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Train drivers to begin overtime ban ahead of fresh strikes

Train drivers will launch an overtime ban on Thursday ahead of a series of fresh strikes which will cause travel chaos for passengers.

Members of Aslef are embroiled in a 20-month dispute over jobs with no sign of a breakthrough and no plans for any talks.

Passengers are being advised to check before they travel, with some areas having no services on strike days.

The overtime ban is from Thursday to Saturday and for 48 hours from next Monday which is likely to cause delays and cancellations to services.

A strike on Friday will hit Avanti West Coast, CrossCountry, East Midlands Railway, West Midlands and London Northwestern.

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On Saturday train drivers will walk out on Chiltern Railways, Great Western Railway, LNER, Heathrow Express, Northern and TransPennine Express.

A strike on Monday will affect c2c, Gatwick Express, Greater Anglia (including Stansted Express), Great Northern, Southeastern, Southern, South Western Railway (including the Island Line) and Thameslink.

Train operators warned that on strike days it is likely that little or no services will run across large areas of the network operated by the affected train companies.

Services are also likely to be disrupted and start later on the day immediately following a full strike day.

On days where an overtime ban is in place, the timetable for some train companies may be revised in advance or services subject to short-notice delay or cancellation on the day.

Passengers are warned to expect significant disruption and advised to plan ahead and check before they travel.

A law is now in place aimed at ensuring a minimum level of service during rail strikes but none of the operators involved in the Aslef dispute have applied to use it.

Aslef general secretary Mick Whelan said the union had called for talks after announcing renewed mandates for industrial action, highlighting that train drivers have not had an increase in salary since 2019.

He said: “Our members voted overwhelmingly – yet again – for strike action. Those votes show a clear rejection by train drivers of the ridiculous offer put to us in April last year by the Rail Delivery Group which knew that offer would be rejected because a land grab for all the terms and conditions we have negotiated over the years would never be accepted by our members.

“Since then train drivers have voted, time and again, to take action in pursuit of a pay rise. That’s why Mark Harper, the Transport Secretary, is being disingenuous when he says that offer should have been put to members.

“Drivers wouldn’t vote for industrial action, again and again and again, if they thought that was a good offer. That offer was dead in the water in April last year – and Mr Harper knows that.

Transport Secretary Mark Harper
Transport Secretary Mark Harper (PA)

“We asked Mr Harper, or his deputy, the rail minister Huw Merriman, to come and meet us. We asked the Rail Delivery Group (RDG) and the train operators (TOCs) to come and talk to us.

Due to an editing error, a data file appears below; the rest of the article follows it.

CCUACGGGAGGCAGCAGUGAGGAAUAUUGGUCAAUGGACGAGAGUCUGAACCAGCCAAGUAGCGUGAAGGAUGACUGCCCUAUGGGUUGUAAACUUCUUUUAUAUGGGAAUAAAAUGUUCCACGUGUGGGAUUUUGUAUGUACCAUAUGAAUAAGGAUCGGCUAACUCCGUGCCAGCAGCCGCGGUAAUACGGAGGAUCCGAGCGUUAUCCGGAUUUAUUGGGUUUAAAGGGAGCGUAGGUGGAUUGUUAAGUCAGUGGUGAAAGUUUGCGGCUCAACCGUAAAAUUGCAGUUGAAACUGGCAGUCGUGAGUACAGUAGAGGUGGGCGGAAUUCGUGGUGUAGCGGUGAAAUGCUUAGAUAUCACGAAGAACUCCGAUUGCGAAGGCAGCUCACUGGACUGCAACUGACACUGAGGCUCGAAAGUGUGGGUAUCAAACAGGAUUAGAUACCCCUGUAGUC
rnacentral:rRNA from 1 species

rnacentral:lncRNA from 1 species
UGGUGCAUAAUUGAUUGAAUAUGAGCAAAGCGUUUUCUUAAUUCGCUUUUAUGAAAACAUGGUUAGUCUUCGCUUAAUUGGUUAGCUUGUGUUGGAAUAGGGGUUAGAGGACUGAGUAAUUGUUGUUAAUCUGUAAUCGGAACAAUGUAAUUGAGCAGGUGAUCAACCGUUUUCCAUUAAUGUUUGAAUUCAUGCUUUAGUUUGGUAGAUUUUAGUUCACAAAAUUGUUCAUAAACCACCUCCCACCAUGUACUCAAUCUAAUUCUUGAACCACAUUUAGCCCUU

“We haven’t heard from Mr Harper, Mr Merriman, the RDG, or the TOCs since those new mandates were announced weeks ago. In fact, Mr Harper hasn’t deigned to talk to us since December 2022; Mr Merriman hasn’t talked to us since January 2023; and the RDG has not seen fit to join us in the room since April last year.

“We have given the Government every opportunity to come to the table but it is now clear they do not want to resolve this dispute. They are happy for it go on and on.

“We are not going to give up. Many members have now not had a single penny increase in pay for half a decade, during which time inflation has soared and, with it, the cost of living.”

A spokesperson for the RDG said: “We are sorry that this round of strikes called by the Aslef leadership risk disrupting journeys.

“While we are doing all we can to keep trains running and we will work with our industry partners to keep as many trains running as possible, unfortunately there will be reduced services between Thursday April 4 to Tuesday April 9. Our advice is to check before you travel and follow the latest travel information.

“Minimum Service Level legislation is one of many useful tools for managing strike disruption, but it is not a silver bullet.

“Operators’ guiding principle is always to make sure they can offer the best, most reliable services possible for their passengers on and around industrial action days, and to do that they need to make careful assessments of their own particular operational circumstances before deciding the best way forward.”

Kathryn O’Brien, customer experience & transformation director at TransPennine Express, said: “Unfortunately, strike action will once again cause disruption to our services, as well as those across the country.

“Sadly, we won’t be able to run any trains at all on Saturday April 6, and some services will be affected this week by further industrial action.”

Aslef has held 14 one-day strikes during the 20-month dispute. The first ballot went out in June 2022 and members first went on strike on Saturday July 30 2022.

Aslef members on London Underground are also striking on Monday April 8 and Saturday May 4 in a separate dispute over terms and conditions.

The strikes will cause severe disruption across the Tube network and some lines will have little or no service.

A Department for Transport spokesperson said: “Aslef is the only rail union continuing to strike, targeting passengers and preventing their own members from voting on the pay offer that remains on the table.

“Having resolved disputes with all other rail unions, the Transport Secretary and rail minister have ensured that a pay offer is on the table – taking train drivers’ average salaries from £60,000 up to £65,000.”